U.S. and coalition military forces continued to attack the Islamic State of Iraq and Syria on Tuesday, Combined Joint Task Force Operation Inherent Resolve officials reported yesterday.
Officials reported details of yesterday’s strikes, noting that assessments of results are based on initial reports.
Strikes in Syria
Coalition military forces conducted 23 strikes consisting of 36 engagements in Syria:
- Near Raqqa, 10 strikes engaged seven ISIS tactical units; destroyed three fighting positions and three tactical vehicles; and damaged two bridges.
- Near Dayr Az Zawr, nine strikes destroyed seven modular oil refineries, two workover oil rigs and a pump jack.
- Near Palmyra, four strikes destroyed a tactical vehicle, a heavy machine gun and a pump jack and damaged a tank.
Strikes in Iraq
Coalition military forces conducted nine strikes consisting of 57 engagements in Iraq, coordinated with and in support of Iraq’s government:
- Near Baghdad, a strike engaged an ISIS tactical unit.
- Near Beiji, a strike engaged an ISIS tactical unit; destroyed 11 vehicles, a front-end loader and a weapons cache; and damaged a bridge.
- Near Mosul, four strikes engaged two ISIS tactical units; destroyed three mortar systems, three vehicles, two improvised bombs, two command-and-control nodes, a supply cache, an artillery system, a front-end loader, an excavator, a tactical vehicle and a medium machine gun; damaged 13 supply routes and a tunnel; and suppressed 13 mortar teams and an artillery team.
- Near Rawah, a strike engaged two ISIS staging areas and an ISIS tactical unit and destroyed an anti-air artillery system and a storage facility.
- Near Tal Afar, two strikes destroyed an excavator and a vehicle-borne bomb.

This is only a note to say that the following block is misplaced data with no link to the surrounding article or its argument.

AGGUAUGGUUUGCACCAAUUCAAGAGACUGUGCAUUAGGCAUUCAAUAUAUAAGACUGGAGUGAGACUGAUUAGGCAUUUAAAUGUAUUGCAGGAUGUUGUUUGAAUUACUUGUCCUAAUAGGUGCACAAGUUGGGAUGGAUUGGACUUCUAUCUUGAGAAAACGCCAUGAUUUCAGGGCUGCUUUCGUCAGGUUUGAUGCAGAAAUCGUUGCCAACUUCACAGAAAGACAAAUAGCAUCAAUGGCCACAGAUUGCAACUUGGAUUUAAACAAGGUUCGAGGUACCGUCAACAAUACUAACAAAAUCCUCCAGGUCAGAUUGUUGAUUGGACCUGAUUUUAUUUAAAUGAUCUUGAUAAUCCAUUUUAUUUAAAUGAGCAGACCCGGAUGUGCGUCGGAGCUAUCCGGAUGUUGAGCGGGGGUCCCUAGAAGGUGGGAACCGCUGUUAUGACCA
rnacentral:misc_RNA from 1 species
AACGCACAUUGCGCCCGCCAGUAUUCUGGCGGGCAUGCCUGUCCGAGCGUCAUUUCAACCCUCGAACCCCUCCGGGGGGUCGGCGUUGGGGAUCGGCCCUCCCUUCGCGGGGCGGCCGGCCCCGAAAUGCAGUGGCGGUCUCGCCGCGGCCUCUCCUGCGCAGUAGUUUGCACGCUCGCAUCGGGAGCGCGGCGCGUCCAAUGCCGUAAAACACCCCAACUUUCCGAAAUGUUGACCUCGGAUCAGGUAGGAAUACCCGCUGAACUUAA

Part of Operation Inherent Resolve
These strikes were conducted as part of Operation Inherent Resolve, the operation to destroy ISIS in Iraq and Syria. The destruction of ISIS targets in Iraq and Syria also further limits the group’s ability to project terror and conduct external operations throughout the region and the rest of the world, task force officials said.
The list above contains all strikes conducted by fighter, attack, bomber, rotary-wing or remotely piloted aircraft; rocket-propelled artillery; and some ground-based tactical artillery when fired on planned targets, officials noted.
Ground-based artillery fired in counterfire or in fire support to maneuver roles is not classified as a strike, they added. A strike, as defined by the coalition, refers to one or more kinetic engagements that occur in roughly the same geographic location to produce a single or cumulative effect. For example, task force officials explained, a single aircraft delivering a single weapon against a lone ISIS vehicle is one strike, but so is multiple aircraft delivering dozens of weapons against a group of ISIS-held buildings and weapon systems in a compound, having the cumulative effect of making that facility harder or impossible to use. Strike assessments are based on initial reports and may be refined, officials said.
The task force does not report the number or type of aircraft employed in a strike, the number of munitions dropped in each strike, or the number of individual munition impact points against a target.
(Source: US Dept of Defense)